Part Two of my interview with graphic novelists, Sandra Marrs and John Chalmers covers the period when Metaphrog created subtly adapted versions of classic fairly tales. John and Sandra also talk in depth about the tradition of the graphic novel as an art form.
I interviewed writer, speaker, musician and software expert Jess Ingrassellino about her self-taught skills, her thirst for knowledge, and how creativity has helped her link up the various fields she works in. Jess says, about herself: “I am open to new conversations and new experiences, as I am still writing my story, and it is writing me.”
Leslie: Can you give a brief overview of your activities, please, highlighting the common themes?
Jess: I started my professional life as a private violin teacher when I was 19. It’s how I put myself through college. I grew up in poverty, and had no support of any kind, financial or otherwise, from my family after I left home at 17. So, I took any jobs I could find, including waitressing, teaching piano, even teaching English grammar. Continue reading FROM SPEAKER & VIOLINIST TO TESTING SOFTWARE→
I asked author Peter Street to speak about his extreme experiences as a gravedigger and talented, autistic poet. What follows is a shocking, surprising, expressive record of survival against the odds.
Peter says about himself: “I left school barely able to read and write. I have very little logic which has held me back lots of the time, but it’s also given me a kind of freedom. It has separated me from the rest of society – I don’t feel a sense of failure or fear. I keep saying I was born outside the box.” Continue reading BORN OUTSIDE THE BOX→
I talked to Karen Eisenbrey who, in her own words: “Writes fantasy and science fiction novels, as well as short fiction in a variety of genres and the occasional poem if it insists.” Karen also sings in a church choir, plays drums in a garage band, and wrote songs for her debut YA novel The Gospel According to St. Rage , a finalist for the 2016 Wishing Shelf Book Awards .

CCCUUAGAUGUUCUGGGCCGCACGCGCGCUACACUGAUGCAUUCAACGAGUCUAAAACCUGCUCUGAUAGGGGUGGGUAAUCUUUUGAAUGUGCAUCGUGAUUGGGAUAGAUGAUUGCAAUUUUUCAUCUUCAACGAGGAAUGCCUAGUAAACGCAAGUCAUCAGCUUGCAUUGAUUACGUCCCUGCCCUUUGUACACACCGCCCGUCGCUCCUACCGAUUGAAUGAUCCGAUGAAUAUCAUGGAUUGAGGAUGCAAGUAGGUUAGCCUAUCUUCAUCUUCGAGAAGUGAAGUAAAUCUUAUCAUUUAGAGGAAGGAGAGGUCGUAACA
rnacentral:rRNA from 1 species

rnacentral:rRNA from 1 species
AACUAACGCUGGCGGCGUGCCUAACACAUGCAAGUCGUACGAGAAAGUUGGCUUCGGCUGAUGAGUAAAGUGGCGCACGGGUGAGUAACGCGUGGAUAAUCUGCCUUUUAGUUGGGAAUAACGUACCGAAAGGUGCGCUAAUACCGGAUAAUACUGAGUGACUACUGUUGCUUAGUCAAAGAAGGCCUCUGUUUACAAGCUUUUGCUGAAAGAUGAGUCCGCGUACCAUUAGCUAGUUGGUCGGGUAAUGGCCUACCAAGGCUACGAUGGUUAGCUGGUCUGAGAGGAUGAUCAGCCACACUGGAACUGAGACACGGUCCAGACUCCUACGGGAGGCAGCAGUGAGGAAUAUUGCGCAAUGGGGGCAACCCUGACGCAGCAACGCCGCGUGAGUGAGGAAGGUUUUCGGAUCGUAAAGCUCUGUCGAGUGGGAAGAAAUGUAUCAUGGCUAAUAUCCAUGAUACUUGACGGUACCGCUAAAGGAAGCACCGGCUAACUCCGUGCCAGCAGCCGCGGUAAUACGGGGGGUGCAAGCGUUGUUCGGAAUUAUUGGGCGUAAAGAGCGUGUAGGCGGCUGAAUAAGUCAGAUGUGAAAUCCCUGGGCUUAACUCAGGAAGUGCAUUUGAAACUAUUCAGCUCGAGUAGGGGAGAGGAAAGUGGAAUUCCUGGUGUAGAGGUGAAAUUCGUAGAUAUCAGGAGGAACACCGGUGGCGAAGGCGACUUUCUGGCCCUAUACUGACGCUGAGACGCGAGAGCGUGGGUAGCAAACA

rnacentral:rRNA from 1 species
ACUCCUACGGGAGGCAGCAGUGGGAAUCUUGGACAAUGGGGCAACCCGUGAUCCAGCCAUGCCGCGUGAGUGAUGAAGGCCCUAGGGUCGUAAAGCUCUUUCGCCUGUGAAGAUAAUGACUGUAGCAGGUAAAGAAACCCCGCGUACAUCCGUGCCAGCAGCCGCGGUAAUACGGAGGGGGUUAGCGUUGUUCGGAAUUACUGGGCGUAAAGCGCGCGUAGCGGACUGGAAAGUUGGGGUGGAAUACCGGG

Vici, who has written, directed and toured numerous plays, says of her work: “Anyone working in socially engaged work, in work that is a call to arms for equality in the arts, and particularly anyone working in Disability Theatre feels both a sense of responsibility to ‘get it right’ and also to create a piece of work that stands on its own artistic merits. Anyone making theatre does so because they want an audience to have a fantastic experience, and to see an exemplary piece of work. Even 27 years into my career, it always feels like so much rests on the work. Broadly in wider arts, there is an unspoken fear that disability work brings extra risk with it – ‘will people want to see it, will it be any good, does it have a place in our building’.” Continue reading DISABLED-LED THEATRE NOW→
I interviewed musician Ben Comeau about his innovative combinations of classical, jazz, pop and world music. Ben, who graduated top of his year in music from Cambridge University, UK, won the 2011 Northern Ireland International Organ Competition. He has performed his compositions in the Royal Albert Hall, the Wigmore Hall and Birmingham Symphony Hall as well as on BBC Radio 3. Ben has improvised live soundtracks to several silent films and is a committed environmentalist. In his own words, Ben is: “Always looking for ways to connect music to important social and political issues of our time.”